One-eighth of all plant species are threatened with immediate extinction, according to the International Union for the Conservation of Nature.

They stand at a table mounded with plant products: broad, deep green breadfruit leaves, and white coconut meat. He holds a package wrapped in breadfruit leaves
Diane Ragone, collector of breadfruit, and Gaugau Tavana, education chief at National Tropical Botanical Garden, preparing palusami, a traditional Polynesian sweet treat..

Most of us had written about endangered and extinct species we'd never seen. Now, in Hawaii, we were seeing those plants up close and personal. We were getting a crash course in the complex interplay of native plants, cultures and habitat. We were examining the flip side of biodiversity -- the way Polynesians, Europeans and Asians had transformed Pacific islands like Hawaii from centers of biodiversity into capitals of extinction. Finally, we were seeing a botanical Noah's ark that included plants whose wild representatives numbered in single digits.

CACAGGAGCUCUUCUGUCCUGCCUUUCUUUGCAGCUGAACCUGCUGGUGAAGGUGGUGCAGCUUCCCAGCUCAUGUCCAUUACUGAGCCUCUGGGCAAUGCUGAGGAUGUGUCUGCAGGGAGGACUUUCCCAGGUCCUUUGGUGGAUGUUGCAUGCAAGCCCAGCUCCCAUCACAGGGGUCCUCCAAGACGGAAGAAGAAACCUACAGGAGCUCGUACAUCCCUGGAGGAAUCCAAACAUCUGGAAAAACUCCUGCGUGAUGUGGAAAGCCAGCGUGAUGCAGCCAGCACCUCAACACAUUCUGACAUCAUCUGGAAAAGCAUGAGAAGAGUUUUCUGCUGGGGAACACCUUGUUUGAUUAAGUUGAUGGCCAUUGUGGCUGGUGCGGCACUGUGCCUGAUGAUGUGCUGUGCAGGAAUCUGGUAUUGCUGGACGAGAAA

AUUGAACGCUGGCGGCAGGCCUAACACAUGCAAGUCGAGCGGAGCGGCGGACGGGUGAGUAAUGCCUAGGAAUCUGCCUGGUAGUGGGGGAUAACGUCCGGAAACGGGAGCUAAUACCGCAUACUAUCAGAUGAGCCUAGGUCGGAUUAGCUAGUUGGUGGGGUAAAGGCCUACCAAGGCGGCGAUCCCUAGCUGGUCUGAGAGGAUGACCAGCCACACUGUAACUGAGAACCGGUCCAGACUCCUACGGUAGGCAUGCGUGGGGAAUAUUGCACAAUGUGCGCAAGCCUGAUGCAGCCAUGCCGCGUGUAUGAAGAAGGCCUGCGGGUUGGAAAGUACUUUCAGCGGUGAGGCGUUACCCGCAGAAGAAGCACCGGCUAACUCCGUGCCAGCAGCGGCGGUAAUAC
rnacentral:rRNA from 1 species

Gardeners of Eden
The private, non-profit NTBG has a momentous mission -- saving the plants and helping save the cultures of the Pacific.
Just as the extinction of the only bird able to pollinate a plant spells doom for that plant, when a forest dies, the plants and cultures rooted in it are doomed. And when a culture dies, so does its knowledge of forest medicines.

Meanwhile, the kava ceremony is concluding. The gap between ourselves and our hosts now bridged, we were allowed to enter the taboo section separating us.

The morning may have dawned clear and calm. But we knew that gathering storm clouds were poised to drown cultures, species and landscapes.

Today, the last representative of a plant or animal could be dying somewhere on our great, disturbed Earth.

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All photos in this feature unless otherwise noted ©David Tenenbaum.